Working with objects

This page was generated from content adapted from the AWS Developer Guide

Creating object keys

  • Note Object key names with the value "soap" aren't supported for virtual-hosted-style requests. For object key name values where "soap" is used, a path-style URL must be used instead.
  • Note Objects with key names ending with period(s) "." downloaded using the Amazon S3 console will have the period(s) "." removed from the key name of the downloaded object. To download an object with the key name ending in period(s) "." retained in the downloaded object, you must use the AWS Command Line Interface (AWS CLI), AWS SDKs, or REST API. In addition, be aware of the following prefix limitations: Objects with a prefix of "./" must be uploaded or downloaded with the AWS Command Line Interface (AWS CLI), AWS SDKs, or REST API. You cannot use the Amazon S3 console. Objects with a prefix of "../" cannot be uploaded using the AWS Command Line Interface (AWS CLI) or Amazon S3 console.

Working with metadata

  • Note The PUT request header is limited to 8 KB in size. Within the PUT request header, the system-defined metadata is limited to 2 KB in size. The size of system-defined metadata is measured by taking the sum of the number of bytes in the US-ASCII encoding of each key and value.
  • Note SOAP support over HTTP is deprecated, but SOAP is still available over HTTPS. New Amazon S3 features are not supported for SOAP. Instead of using SOAP, we recommend that you use either the REST API or the AWS SDKs.
  • Note The PUT request header is limited to 8 KB in size. Within the PUT request header, the user-defined metadata is limited to 2 KB in size. The size of user-defined metadata is measured by taking the sum of the number of bytes in the UTF-8 encoding of each key and value.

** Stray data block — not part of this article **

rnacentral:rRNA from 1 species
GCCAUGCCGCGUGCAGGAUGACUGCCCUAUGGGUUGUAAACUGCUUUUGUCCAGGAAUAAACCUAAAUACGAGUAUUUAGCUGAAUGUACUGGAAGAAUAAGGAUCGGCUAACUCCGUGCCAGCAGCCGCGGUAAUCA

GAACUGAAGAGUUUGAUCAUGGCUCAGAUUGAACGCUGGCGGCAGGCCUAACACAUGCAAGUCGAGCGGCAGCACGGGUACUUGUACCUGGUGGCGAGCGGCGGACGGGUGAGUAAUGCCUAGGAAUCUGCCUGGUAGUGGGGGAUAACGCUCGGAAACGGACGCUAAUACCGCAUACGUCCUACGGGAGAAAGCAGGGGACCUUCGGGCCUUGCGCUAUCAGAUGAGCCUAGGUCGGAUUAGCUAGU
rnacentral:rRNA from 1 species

Uploading objects

  • Note If you rename an object or change any of the properties in the Amazon S3 console, for example Storage Class, ** Encryption**, or Metadata, a new object is created to replace the old one. If S3 Versioning is enabled, a new version of the object is created, and the existing object becomes an older version. The role that changes the property also becomes the owner of the new object (or object version).

Using multipart upload

  • Note After you initiate a multipart upload and upload one or more parts, you must either complete or stop the multipart upload to stop getting charged for storage of the uploaded parts. Only after you either complete or stop a multipart upload will Amazon S3 free up the parts storage and stop charging you for the parts storage. After stopping a multipart upload, you cannot upload any part using that upload ID again. If any part uploads were in-progress, they can still succeed or fail even after you stop the upload. To make sure you free all storage consumed by all parts, you must stop a multipart upload only after all part uploads have been completed.
  • Important If you are using a multipart upload with additional checksums, the multipart part numbers must use consecutive part numbers. When using additional checksums, if you try to complete a multipart upload request with nonconsecutive part numbers, Amazon S3 generates HTTP 500 Internal Server Error error.
  • Note It is possible for some other request received between the time you initiated a multipart upload and completed it to take precedence. For example, if another operation deletes a key after you initiate a multipart upload with that key, but before you complete it, the complete multipart upload response might indicate a successful object creation without you ever seeing the object.
  • Note To minimize your storage costs, we recommend that you configure a lifecycle rule to delete incomplete multipart uploads after a specified number of days by using the AbortIncompleteMultipartUpload action. For more information about creating a lifecycle rule to delete incomplete multipart uploads, see Configuring a bucket lifecycle configuration to delete incomplete multipart uploads.

Copying objects